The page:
Moreover, about three-quarters of births outside marriage are registered by both parents. This indicates that these births are occurring within stable relationships. Fletcher (1988) argues that cohabitation and births outside marriage conceal what are in fact rather conventional nuclear families based on stable relationships – even though they are not legitimised by marriage.
Cohabitation is not exclusive to heterosexual couples. Since the 1970s society has seen the emergence of lesbian and gay cohabitation, following the decriminalisation of homosexuality. Plummer (1995) notes that between 40% and 60% of gay men are cohabiting in relationships of over one year duration.
Bear in mind that a same sex couple can now register as civil partners and thereby have their relationship legally recognised. You will find more information on civil partnerships here.
Marital breakdown is viewed by the New Right as a profound social problem with serious costs to society and individuals. There are three types of marital breakdown.
- Divorce refers to the legal termination of a marriage. This option is not always available in some societies.
- Separation refers to the physical separation of the spouses in that they are not living under the same roof.
- Empty shell marriage refers to a husband and wife who live together, and remain legally married, but who experience no intimate or emotional relationship, e.g. remaining together for the ‘sake of the children’. It is difficult to measure how many marriages are in this state.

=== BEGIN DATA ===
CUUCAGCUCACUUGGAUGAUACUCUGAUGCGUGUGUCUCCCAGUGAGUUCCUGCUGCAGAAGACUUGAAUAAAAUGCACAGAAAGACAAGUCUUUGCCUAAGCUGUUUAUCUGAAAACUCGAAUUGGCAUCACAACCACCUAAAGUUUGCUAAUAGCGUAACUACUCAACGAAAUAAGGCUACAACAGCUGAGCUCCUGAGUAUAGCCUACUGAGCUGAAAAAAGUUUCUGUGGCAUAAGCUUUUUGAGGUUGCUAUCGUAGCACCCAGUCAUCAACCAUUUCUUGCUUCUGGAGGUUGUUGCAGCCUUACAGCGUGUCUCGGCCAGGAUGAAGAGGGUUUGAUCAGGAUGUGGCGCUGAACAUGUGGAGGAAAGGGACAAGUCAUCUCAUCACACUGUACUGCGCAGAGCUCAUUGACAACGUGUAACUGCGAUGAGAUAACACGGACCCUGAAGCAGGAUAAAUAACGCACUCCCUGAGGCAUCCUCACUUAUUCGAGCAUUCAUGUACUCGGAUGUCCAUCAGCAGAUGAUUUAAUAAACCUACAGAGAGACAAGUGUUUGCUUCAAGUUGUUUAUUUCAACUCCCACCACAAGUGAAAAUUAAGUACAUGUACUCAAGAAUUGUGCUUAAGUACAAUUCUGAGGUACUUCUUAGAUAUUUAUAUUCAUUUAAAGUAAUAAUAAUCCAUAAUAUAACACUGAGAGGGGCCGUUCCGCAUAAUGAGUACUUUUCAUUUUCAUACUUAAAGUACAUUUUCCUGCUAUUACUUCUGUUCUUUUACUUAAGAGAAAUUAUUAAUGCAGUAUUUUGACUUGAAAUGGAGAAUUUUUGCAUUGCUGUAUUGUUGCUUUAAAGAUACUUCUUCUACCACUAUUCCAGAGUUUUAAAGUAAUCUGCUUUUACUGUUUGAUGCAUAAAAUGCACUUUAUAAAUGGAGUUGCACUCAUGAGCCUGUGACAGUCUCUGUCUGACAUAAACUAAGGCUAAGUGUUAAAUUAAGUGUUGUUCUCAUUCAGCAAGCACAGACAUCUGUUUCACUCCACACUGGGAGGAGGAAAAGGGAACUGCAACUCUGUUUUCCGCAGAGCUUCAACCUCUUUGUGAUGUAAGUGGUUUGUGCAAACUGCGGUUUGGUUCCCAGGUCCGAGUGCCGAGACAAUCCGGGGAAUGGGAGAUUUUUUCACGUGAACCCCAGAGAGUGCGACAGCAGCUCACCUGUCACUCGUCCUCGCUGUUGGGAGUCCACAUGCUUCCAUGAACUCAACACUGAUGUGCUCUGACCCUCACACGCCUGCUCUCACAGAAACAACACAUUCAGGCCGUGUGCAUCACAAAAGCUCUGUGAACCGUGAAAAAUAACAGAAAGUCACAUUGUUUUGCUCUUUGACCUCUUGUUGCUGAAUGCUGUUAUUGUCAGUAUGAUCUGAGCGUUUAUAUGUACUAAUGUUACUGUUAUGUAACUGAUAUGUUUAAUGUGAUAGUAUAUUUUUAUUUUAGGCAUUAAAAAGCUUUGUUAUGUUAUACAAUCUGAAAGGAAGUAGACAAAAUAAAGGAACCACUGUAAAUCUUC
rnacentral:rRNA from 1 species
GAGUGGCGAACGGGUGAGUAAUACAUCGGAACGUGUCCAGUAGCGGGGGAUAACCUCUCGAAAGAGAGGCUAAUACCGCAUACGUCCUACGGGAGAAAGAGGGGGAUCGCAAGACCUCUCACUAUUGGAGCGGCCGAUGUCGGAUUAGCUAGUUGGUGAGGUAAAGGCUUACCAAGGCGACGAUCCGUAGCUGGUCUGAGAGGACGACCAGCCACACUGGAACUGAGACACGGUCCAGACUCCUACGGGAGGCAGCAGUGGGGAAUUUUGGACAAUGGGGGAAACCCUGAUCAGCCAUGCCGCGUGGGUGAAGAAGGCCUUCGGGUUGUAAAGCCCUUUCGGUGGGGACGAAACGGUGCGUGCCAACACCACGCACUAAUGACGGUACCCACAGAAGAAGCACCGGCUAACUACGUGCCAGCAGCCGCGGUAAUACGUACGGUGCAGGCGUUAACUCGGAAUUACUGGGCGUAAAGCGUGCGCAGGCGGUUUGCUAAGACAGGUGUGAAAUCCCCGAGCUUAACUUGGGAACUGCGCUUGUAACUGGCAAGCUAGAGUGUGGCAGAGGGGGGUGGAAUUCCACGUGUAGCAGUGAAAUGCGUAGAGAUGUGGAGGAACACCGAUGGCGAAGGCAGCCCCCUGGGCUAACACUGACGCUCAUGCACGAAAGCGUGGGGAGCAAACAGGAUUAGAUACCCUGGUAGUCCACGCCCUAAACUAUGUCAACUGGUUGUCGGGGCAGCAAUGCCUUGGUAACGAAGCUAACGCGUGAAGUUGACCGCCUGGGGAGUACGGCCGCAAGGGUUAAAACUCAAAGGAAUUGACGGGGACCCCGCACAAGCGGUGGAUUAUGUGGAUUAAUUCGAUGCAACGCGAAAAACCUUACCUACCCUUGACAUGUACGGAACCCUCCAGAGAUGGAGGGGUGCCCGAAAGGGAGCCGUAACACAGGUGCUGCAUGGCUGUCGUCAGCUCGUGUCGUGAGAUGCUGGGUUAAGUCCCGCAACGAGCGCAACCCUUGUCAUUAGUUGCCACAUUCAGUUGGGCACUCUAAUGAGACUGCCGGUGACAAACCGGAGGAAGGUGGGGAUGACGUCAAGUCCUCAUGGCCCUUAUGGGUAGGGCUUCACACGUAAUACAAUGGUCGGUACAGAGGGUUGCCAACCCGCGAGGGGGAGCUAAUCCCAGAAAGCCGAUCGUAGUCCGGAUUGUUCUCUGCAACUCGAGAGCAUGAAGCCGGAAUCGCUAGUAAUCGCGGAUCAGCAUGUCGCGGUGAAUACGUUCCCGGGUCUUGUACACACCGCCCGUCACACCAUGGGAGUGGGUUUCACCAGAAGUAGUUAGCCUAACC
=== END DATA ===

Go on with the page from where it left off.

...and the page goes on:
There has been a steady rise in the divorce rate in Britain throughout the twentieth century. In 1961, two married couples per 1000 were divorced in England and Wales. By 1991, this had risen to 13. Chandler (1993) argues that if present trends continue, about 40% of current marriages will end in divorce. Explanations for the increasing divorce rate are as follows.
- Changes in legislation – changes in divorce law have generally made it easier and cheaper to get divorced. Before 1857, divorce was rare because it was expensive and required a private Act of Parliament. Four pieces of legislation can be identified as profoundly influencing the divorce statistics.
– The Matrimonial Causes Act (1857) made divorce easier although it was still not affordable for most social groups. It also introduced the concept of ‘marital crime’, i.e. divorce was granted if offences such as cruelty or desertion were proved. Be aware of any proposed changes to the divorce laws.